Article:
“A lot of the areas for spending covered by the first set of rules really didn’t seem to fit [Brentwood] and it wasn’t quite as clear cut,” Bednar said. “When the final rule came out, it provided a lot more flexibility, and we were much more comfortable moving forward.”

Brentwood will claim $7.5 million of its $12.5 million allocation to go toward stormwater drainage projects being identified in a $600,000 stormwater study, Bednar said. The city received the first half of the money in October, with the rest expected to arrive this fall.

“We are a little bit unique in that we aren’t a service provider in the health arena at all, and we don’t distribute community development block grants,” Bednar said. “We’re trying to find the best way to use the money to deal with our city infrastructure to benefit the whole community.”

Bednar said the $7.5 million could be used to upgrade and modernize open-ditch drainage systems that date back to when some of the city’s earliest neighborhoods were built in the 1960’s and 1970’s, Bednar said.

“I don’t want to presuppose, but we will potentially see projects to upgrade and redefine existing drainage systems in some of our older neighborhoods,” Bednar said.

The remaining $5 million will go toward the city’s Sewage Tank Equalization Project that is set to be finished later this year.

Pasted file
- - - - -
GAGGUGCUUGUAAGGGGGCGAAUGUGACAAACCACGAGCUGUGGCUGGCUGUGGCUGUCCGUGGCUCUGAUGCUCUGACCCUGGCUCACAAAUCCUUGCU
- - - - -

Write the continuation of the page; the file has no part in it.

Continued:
The project includes an equalization pump station with a capacity of 5.5 million gallons per day and a 4 million-gallon concrete wastewater equalization tank targeting overflows at the Brentwood/Metro Nashville sewer pumping station caused by stormwater infiltration, according to project documents.

Countywide allocations

On March 14, the Williamson County Board of Commissioners approved a resolution to pursue applying its $46.3 million ARPA allocation toward broadband infrastructure expansion in the county.

Paul Webb, an accountant in the county’s budget office administering the distribution, said the intent is to use much of the money to expand broadband internet.

The approved resolution committed matching dollars of up to $1.7 million and $3 million to bolster two applications by Comcast and United Communications vying for $400 million in available funding from the Tennessee Department of Economic Development for expanded broadband, according to Webb, who is coordinating the county’s support of the grant applications.

The applications to install broadband internet from the companies are likely to be in the southeast and southwest portions of the county, Webb said.

“United and Comcast have done surveys showing that part of the county does not have adequate broadband,” said Webb, who is also a District 6 county commissioner. “Having our local support for their projects will give them extra points on their scorecard.”

Meeting future challenges

Bednar said an outcome of the COVID-19 shutdown and region-wide efforts to coordinate a response was stronger communication between regional governments.

“One thing COVID did was create a whole heck of a lot more meetings between all of us,” Bednar said. “The coordination of the COVID[-19] period will leave a lasting imprint, and people will be using those connections for the benefit of the whole region for a while.”

In Franklin, the city’s administration departments plans to request the creation of two new positions: an emergency management coordinator and a specialist to coordinate the city’s preparations for crises, Stuckey said.

“Even if it isn’t a full-scale emergency response, it is about being able to adapt to something that is out of the normal,” Stuckey said.